Maybe you’ve heard about the “double-masking” strategy to protect against new coronavirus variants and are wondering if you should give it a try. Here’s the basic idea behind the strategy: The new variants are thought to have an easier time binding to our cells, so the more layers we have covering our noses and mouths, the less likely we’ll be exposed to viral particles that can infect our cells and make us sick. Two masks may help create a stronger shield between you and the virus.
Here’s what we know so far about double-masking so you can make the best choices for yourself:
More layers = more air filtration.
“The more layers, the more barriers you can put between yourself and the virus, the better off you’re going to be,” said Thomas Duszynski, the Director of Epidemiology Education at Indiana University’s Richard M. Fairbanks School of Public Health.
Comfort matters. Make sure you choose breathable fabrics with no valves, otherwise you’ll defeat the purpose.
Onyema Ogbuagu, a Yale Medicine infectious disease doctor and Principal Investigator of Yale’s Pfizer COVID-19 trial, said you definitely want the masks, worn together, to be comfortable.
Keep in mind: Certain materials can make it tough to breathe, and there is such a thing as over-masking, which can actually wind up doing more harm than good. So, find the right level of protection that is also comfortable because a well-fitting mask is more effective than multiple layers that don’t fit comfortably or properly and cause you to continually move the mask or touch your face. Lastly, don’t pick a mask with a valve that defeats the purpose of masking by potentially allowing gaps in the filtration.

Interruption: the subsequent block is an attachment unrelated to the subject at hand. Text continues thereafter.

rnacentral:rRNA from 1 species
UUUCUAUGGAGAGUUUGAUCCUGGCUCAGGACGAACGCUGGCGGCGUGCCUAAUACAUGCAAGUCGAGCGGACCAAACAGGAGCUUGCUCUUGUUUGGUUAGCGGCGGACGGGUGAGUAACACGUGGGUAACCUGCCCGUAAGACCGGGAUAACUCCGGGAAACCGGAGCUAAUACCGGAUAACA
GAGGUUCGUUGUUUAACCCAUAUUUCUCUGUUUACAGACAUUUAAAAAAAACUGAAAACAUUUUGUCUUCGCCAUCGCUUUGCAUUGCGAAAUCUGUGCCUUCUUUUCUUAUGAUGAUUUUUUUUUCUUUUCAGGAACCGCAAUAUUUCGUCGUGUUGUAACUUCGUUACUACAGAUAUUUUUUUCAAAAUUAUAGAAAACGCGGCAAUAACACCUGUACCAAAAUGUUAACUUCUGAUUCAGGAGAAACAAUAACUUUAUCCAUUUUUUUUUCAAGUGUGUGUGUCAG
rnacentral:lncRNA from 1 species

If you’re going to double mask, put your air-filtration mask on first, then cover it up with another one.
The mask with the greatest filtering capabilities should go on first, like a well-fitted surgical mask. Make sure that mask is tightly sealed against your face. You don’t want gaps in the mask along the sides of your face where contaminated air can sneak in.
Double-masks don’t equal a pass from social distancing or hand washing.
Also, keep in mind that double masking does not replace the CDC recommended guidelines for protecting yourself from COVID, so be sure to continue social distancing, washing your hands regularly and avoiding crowds. Together we can keep our communities safe ― step up, chin up, mask up and crush COVID.